Academic journal article Demographic Research

White-Hispanic Differences in Meeting Lifetime Fertility Intentions in the U.S

Academic journal article Demographic Research

White-Hispanic Differences in Meeting Lifetime Fertility Intentions in the U.S

Article excerpt

1. Introduction

Differences in fertility rates across ethnic groups in the U.S. are well documented, with Hispanic women bearing more children than non-Hispanic White and Black women, but the reasons for these differences remain unclear (Bean and Tienda 1987; Martin et al. 2009). The country's Hispanic population is growing dramatically and most of this growth currently comes from fertility rather than migration (Pew 2011). Understanding racial-ethnic differences in fertility is important for understanding American fertility more broadly, since race-ethnicity is one of the primary axes along which fertility behaviors vary. It was recently announced that births to non-White women now exceed births to White women for the first time (United States Census Bureau 2012). The presence of higher fertility subgroups - particularly Hispanics - is one reason cited for the fact that the U.S. is able to maintain replacement-level fertility while other developed countries fall short (Kohler et al. 2006; Preston and Hartnett 2010). Here, I focus on non-Hispanic Whites (hereafter "Whites") and Hispanics specifically and explore whether differences in fertility levels across groups reflect the preferences of individuals in those groups. I also show how ethnic differences in fertility levels can be explained by differences in fertility intentions and the likelihood of meeting those intentions.

Higher fertility among Hispanics could be a reflection of higher fertility intentions. It is commonly assumed that Hispanics have a preference for larger families, and this assumption is frequently applied when socioeconomic factors fail to fully explain ethnic differences in family-related behaviors. While some research shows stronger familistic orientation among Hispanics (Oropesa and Gorman 2000; Trent and South 1992; Sabogal et al. 1987), there is a lack of research examining how fertility preferences correspond with outcomes, for Hispanics compared with other groups. On the other hand, there is reason to believe that higher fertility among Hispanics is driven by unwanted births rather than wanted ones. Prior research has demonstrated that unintended pregnancy is more common among Hispanic women, compared with Whites, which could be responsible for higher overall fertility. Because of social and economic disadvantages, Hispanics may face more obstacles to achieving their childbearing goals. It is an open question whether ethnic differences in fertility levels are the result of differing preferences or whether some groups are systematically disadvantaged in trying to carry out their childbearing intentions.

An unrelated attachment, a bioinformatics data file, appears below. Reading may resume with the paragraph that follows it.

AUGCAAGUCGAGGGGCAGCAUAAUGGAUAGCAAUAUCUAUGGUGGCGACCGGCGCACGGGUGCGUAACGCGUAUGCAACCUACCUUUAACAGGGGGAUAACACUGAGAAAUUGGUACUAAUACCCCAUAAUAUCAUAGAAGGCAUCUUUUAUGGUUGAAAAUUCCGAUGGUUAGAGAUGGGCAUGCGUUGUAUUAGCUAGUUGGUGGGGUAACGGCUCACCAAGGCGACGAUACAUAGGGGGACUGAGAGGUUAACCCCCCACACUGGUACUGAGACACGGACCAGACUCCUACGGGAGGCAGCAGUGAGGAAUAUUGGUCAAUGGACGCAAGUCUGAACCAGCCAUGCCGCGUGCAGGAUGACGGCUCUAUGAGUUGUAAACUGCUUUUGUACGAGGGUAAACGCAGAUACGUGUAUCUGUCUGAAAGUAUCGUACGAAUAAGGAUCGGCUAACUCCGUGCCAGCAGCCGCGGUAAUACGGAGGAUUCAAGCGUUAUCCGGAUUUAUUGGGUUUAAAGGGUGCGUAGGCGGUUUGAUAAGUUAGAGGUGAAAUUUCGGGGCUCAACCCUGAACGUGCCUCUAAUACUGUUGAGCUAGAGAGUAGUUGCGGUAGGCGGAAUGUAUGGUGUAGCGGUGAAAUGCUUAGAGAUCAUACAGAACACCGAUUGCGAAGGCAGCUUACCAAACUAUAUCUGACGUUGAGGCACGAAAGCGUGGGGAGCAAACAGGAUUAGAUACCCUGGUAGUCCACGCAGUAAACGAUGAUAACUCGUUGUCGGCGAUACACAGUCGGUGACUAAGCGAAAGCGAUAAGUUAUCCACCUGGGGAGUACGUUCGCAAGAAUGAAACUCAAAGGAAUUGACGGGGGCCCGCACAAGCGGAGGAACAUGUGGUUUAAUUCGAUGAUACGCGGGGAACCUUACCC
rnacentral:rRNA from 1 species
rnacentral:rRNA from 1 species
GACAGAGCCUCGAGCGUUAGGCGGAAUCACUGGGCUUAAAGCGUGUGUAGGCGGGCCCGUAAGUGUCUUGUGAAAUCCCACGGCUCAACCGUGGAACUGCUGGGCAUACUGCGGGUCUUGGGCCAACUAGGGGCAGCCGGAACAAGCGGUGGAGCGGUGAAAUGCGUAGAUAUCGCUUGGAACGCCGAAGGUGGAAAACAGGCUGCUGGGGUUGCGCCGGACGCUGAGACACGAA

The ability to meet intentions is important from a well-being perspective. One component of meeting childbearing intentions - unintended pregnancy - is acknowledged as part of Healthy People 2020 (U.S. Department of Health and Human Services 2010). This policy document cites the reduction of unintended pregnancy as a U.S. public health goal, due to the fact that unintended pregnancy is associated with poorer health outcomes for children and health risks and psychological distress for parents (Sable and Wilkinson 2000; Singh et al. 2003; Barber and East 2011; Baydar et al. 1997a; Baydar et al.; 1997b; Brown and Eisenberg 1995; Maximova and Quesnel- Vallée. 2009). There has been relatively little research on the prevalence and consequences of the converse situation - unmet desire for children - but in cases where the individual continues to want children, infertility has been linked with a variety of negative outcomes, including stress and poorer marital quality (Andrews et al. 1991; Greil, Slauson-Blevins, and McQuillan 2010).

In this paper I focus on "fertility intentions" (or "intended parity") expressed in early life (meaning the total number of children that young women and men say they eventually want to have) and the likelihood of ultimately meeting these intentions. Fertility intentions are considered the key determinant of fertility in low fertility settings where the means of controlling fertility are accessible (Barber 2001; Bongaarts 2001, 1992; Rindfuss, Morgan, and Swicegood 1988; Schoen et al. …

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